Adrienne Rich. Compulsory Heterosexuality and Lesbian Existence.
Lesbians have historically been deprived of political existence through “inclusion’ as female versions of male homosexuality. To equate lesbian existence with male homosexuality because each is stigmatized is to deny and erase female reality once again. To separate those women stigmatized as “homosexual” or “gay” from the complex continuum of female resistance to enslavement, and attach them to a male pattern, is to falsify our history. Part of the history of lesbian existence is, obviously, to be found where lesbians, lacking a coherent female community, have shared a kind of social life and common cause with homosexual men. But this has to be seen against the differences: women’s lack of economic and cultural privilege relative to men; qualitative differences in female and male relationships, for example, the prevalence of anonymous sex and the justification of pederasty among male homosexuals, the pronounced ageism in male homosexual standards of sexual attractiveness, etc. […] the term “gay serves the purpose of blurring the very outlines we need to discern, which are of crucial value for feminism and for the freedom of women as a group.
Signs: Journal of Women in Culture and Society 1980, vol. 5, no. 4 (1980); reprinted by Antelope Publications, in 1982, as a pamphlet; collected in The Signs reader : women, gender, & scholarship (Chicago : University of Chicago Press, 1983)
But in 1986 there is a shift. Mention of “pederasty” is dropped. “Serves” becomes “may serve” and a footnote is added. The revisions are to be found in in her 1986 book Blood, Bread, and Poetry.
Part of the history of lesbian existence is, obviously, to be found where lesbians, lacking a coherent female community, have shared a kind of social life and common cause with homosexual men. But there are differences: women’s lack of economic and cultural privilege relative to men; qualitative differences in female and male relationships — for example, and the patterns of anonymous sex among male homosexuals, and the pronounced ageism in male homosexual standards of sexual attractiveness. I perceive the lesbian experience as being, like motherhood, a profoundly female experience […] the term gay may serve the purpose of blurring the very outlines we need to discern, which are of crucial value for feminism and for the freedom of women as a group.*
* [A.R. 1986: The shared historical and spiritual “crossover” functions of lesbians and gay men in cultures past and present are traced by Judy Grahn in Another Mother Tongue: Gay Words, Gay Worlds (Boston: Beacon, 1984). I now think we have much to learn both from the uniquely female aspects of lesbian existence and from the complex “gay” identity we share with gay men.]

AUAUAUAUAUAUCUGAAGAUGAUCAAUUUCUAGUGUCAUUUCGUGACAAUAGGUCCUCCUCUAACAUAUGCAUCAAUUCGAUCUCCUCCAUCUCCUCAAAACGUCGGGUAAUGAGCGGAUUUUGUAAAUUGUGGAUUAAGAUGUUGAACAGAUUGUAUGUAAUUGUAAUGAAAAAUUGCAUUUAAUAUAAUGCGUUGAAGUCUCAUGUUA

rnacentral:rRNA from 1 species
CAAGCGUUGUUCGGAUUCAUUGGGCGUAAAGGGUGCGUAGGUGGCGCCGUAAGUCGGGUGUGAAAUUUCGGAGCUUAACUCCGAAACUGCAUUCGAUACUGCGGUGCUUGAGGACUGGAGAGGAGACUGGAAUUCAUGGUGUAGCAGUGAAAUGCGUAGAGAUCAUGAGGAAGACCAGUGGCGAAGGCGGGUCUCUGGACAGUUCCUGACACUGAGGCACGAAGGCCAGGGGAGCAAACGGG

When I encountered Rich’s “In Memoriam” in Poets for Life: Seventy-six Poets Respond to AIDS (1989) and in a revised form in Time’s Power: Poems 1985-1988) where it appears with the initials D.K in its title [David Kalstone?], I thought that the apparent change in the view of gay men related to the AIDS crisis. But now in reviewing the evidence, I see that transhistorical studies such as Grahn’s played a part.
From far on the other side: Gerald Hannon ends the article “Men Loving Boys Loving Men” The Body Politic, Issue 39, December 1977/January 1978 with an appeal to consider the Anita Bryants of the world as the real child molesters.
“Save Our Children, Inc” is the name of the game, although the organizers seem to be cynically aware of just what that means: “The molestation tactic was the thing that particularly got the headlines. We now know how effectively it can be used,” said Robert Brake, one of the top officials of that organization. Who wouldn’t want to save our children, after all, save them from things like the Houston mass murder horrors, save them from being pawed by nasty old men? That’s what molestation means to most people, it’s what the media encourages them to believe, it’s a belief “Save Our Children” does nothing to discourage.
They’ve added a refinement. Recruitment. Because homosexuals can’t reproduce, they must recruit.
Anita should know. Because recruitment is what she is all about. She wants our children. And, yes, they’re our children too.
More on the charges and acquittal provoked by Men Loving Boys Loving Men see Queer Story video which features Jane Rule commenting. This from the Xtra! obituary by Marilyn Schuster
Rule, a lifelong opponent of censorship, wrote a bold column that condemned the police action and engaged the central issues of the offending article. In the column, called “Teaching Sexuality,” Rule acknowledged that the controversy raised difficult questions for her. “On the one hand I deplore repressive police action designed not only to stifle any discussion of… sexual activity across generations but to intimidate anyone even so involved with the paper as to be a subscriber,” she wrote. “On the other hand I understand the rage against sexual exploitation by men not only of children of both sexes but of women and other men, the pleasures of which The Body Politic can sometimes be accused of advertising.”
The real target of her essay was the hypocrisy of a society that is so fearful of sexual initiation that we deny that childhood sexuality exists. The taboo against sexual behaviour between children and adults, she argues, facilitates the exploitation of children. “Children are sexual,” she concluded, “and it is up to us to take responsibility for their real education. They have been exploited and betrayed long enough by our silence.” Her argument, bold in 2007, was unprecedented in 1978.
And so for day 2030